For a triathlon, you can take or leave socks. I’ve raced both with and without them. I put body lubricant all over my feet for the swim and just pull on my shoes for the bike and run without socks. Other races, I’ve taken the time to put socks on. It’s personal preference.

Triathlon Gear List For Beginners and Beyond

Under Armour Liner Socks

Under Armour Liner Socks, $19 6-pack: My favorite socks to race in are Under Armour’s simple liner socks. I bought a pack more than five years ago and they’re still going strong. Yes, I have and like fancier running-specific socks, but these are easy to slip on. I find myself reaching for them again and again. The liners are supremely thin, so if you prefer more padding, they may not be right for you.

Triathlon Gear List For Runners. At the Wild Dog Triathlon

My Fitletic race belt (Phil Hospod)

Race Belt

For the swim, your number will be marked on your body. For the bike, your number will be on your helmet and bike. For the run, you have two options for wearing you bib: safety pins or a race belt.

Fitletic Neoprene Single Pouch with Race Number Holder, $24: I love Fitletic (formerly iFitness) belts. I own three: a double-pouch belt that I bought myself, a single-pouch belt that I got as a freebie in a swag bag, and a hydration belt that Fitletic gave me for review.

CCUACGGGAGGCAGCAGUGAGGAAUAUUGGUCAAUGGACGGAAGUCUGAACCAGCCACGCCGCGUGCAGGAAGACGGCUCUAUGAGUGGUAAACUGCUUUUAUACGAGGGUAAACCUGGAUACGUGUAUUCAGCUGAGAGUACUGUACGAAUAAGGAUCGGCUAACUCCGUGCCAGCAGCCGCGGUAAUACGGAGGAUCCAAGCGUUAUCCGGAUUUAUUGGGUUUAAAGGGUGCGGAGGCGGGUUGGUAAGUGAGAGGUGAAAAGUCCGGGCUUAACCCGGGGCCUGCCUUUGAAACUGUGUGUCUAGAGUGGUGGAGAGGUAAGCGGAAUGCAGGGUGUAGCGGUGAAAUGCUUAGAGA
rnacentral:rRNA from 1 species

Triathlon Gear List for Beginners and Beyond

Fitletic Belt

I’ve tried other brands, but keep returning to Fitletic run after run. I love their belts because they stay put no matter where I put them—waist, hips, butt—and the neoprene keeps my phone, money and other items dry. I wear these three belts all the time.

For triathlons, I use the Single Pouch with Race Number Holder. Other triers use race belts that are merely a thin strip of material and toggles to hold a bib. Fitletic sells that too for $9. You name your needs, Fitletic has a belt for you.

Triathlon Gear List For Beginners. At the Long Island Gold Coast Triathlon

Pinned my bib on a shirt at a Long Island Triathlon (Capstone Photography)

Safety Pins, $0: Your other option is simply pinning your bib to your shirt or bra, like I did at my second triathlon. Pin it on under your wetsuit or to a shirt that you’ll put on after the swim.